After the crash came the longest bull market ever. What now?

Reliving the financial meltdown, ten years later
Reliving the financial meltdown, ten years later

Not long after Lehman Brothers imploded a decade ago, stocks began an epic bull run. The question now is whether that run is nearing an end.

Two of the world's foremost experts on economics and markets took up that question Friday — and they were split.

Robert Shiller, the Nobel Prize-winning economics professor from Yale and an expert on stock and house price valuations, took the bearish case.

He didn't predict a crash, but he argued that stocks look expensive by many measures, including the CAPE ratio, a price-to-earnings comparison that looks at profits over several years, adjusted for inflation.

This number was popularized by Shiller himself and is often referred to as Shiller PE. He said the ratio is high today, and that could be a sign that the market needs to cool off.

But Jeremy Siegel, a professor of finance at the University of Pennsylvania's Wharton School, said stocks don't seem all that expensive, based on the past 12 months of profits.

He argued that stocks are trading at a much lower valuation than they were at the height of the 2000 tech bubble. At that time, he and Shiller were both worried that the market was frothy.

Siegel pointed out that the S&P 500 is trading at about 18 times this year's operating earnings, which may be rich but isn't overly pricey.

He added that you have to also look at bond prices compared with stocks — and by that measure, bonds are much more overvalued. Rates are near historical lows.

The two spoke Friday at a Wharton conference in New York about the impact of the 2008 financial crisis.

crisis 2008 financial lehman brothers bankruptcy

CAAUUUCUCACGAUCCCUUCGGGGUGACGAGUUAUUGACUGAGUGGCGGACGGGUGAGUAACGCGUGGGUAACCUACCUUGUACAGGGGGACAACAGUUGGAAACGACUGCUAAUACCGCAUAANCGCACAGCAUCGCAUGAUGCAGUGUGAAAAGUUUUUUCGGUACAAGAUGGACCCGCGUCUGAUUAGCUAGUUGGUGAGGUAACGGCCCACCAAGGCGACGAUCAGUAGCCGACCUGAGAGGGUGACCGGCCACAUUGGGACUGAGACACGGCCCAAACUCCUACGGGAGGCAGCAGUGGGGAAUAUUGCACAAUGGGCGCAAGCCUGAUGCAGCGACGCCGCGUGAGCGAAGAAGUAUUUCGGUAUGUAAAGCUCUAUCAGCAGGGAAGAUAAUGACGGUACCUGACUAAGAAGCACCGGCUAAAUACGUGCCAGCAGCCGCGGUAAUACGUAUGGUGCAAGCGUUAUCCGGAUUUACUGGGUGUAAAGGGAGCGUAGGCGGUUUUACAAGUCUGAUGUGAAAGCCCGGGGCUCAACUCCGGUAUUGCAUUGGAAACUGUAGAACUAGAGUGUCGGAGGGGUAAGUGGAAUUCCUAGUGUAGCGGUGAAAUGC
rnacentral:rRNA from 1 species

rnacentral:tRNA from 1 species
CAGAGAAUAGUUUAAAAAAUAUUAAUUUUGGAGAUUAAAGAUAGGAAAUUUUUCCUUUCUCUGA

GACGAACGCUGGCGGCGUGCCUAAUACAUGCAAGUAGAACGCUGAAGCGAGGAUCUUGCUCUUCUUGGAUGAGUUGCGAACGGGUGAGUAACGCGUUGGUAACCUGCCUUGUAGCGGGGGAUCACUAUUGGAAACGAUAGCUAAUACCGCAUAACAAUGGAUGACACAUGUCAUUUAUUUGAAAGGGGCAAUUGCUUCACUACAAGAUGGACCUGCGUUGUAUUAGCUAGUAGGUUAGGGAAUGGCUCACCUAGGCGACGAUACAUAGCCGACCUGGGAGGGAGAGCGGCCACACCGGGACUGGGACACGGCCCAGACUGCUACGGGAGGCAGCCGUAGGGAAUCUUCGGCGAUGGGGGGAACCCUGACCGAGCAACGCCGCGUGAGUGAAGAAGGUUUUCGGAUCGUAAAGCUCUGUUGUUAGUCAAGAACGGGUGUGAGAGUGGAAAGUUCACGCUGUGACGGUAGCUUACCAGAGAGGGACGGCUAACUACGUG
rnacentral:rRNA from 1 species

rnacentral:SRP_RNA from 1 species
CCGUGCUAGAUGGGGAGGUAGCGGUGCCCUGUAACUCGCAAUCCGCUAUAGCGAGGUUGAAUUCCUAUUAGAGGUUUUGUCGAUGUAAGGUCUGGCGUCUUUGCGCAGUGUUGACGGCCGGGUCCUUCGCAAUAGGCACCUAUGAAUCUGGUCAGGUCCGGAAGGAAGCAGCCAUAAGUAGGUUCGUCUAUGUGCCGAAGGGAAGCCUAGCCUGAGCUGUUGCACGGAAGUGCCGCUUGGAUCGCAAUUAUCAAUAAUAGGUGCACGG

The collapse of Lehman Brothers in 2008 helped lead to a massive pullback in the stock market.

Shiller said he was worried that the combination of rising stock prices and higher housing prices in many American cities could lead to another bubble.

But Siegel countered that home prices around the world have gone up at a faster clip than in many markets in the United States. He's not worried about excessive froth in real estate.

Shiller admitted it's impossible to pinpoint when the market will turn down. It's the opposite of weather forecasting, he said. It's easier to predict long-term market performance than what will happen over the next five days.

But the rally will end one day. Shiller said the risk of economic protectionism and trade tension around the world, not just in the United States, could hurt the economy and markets.

And he said it isn't clear how much of a long-term boost stocks can get from tax cuts, deregulation and other help from Washington, especially because the political landscape always changes.

"Is Donald Trump permanent?" Shiller asked, causing nervous laughter among the attendees at the conference.

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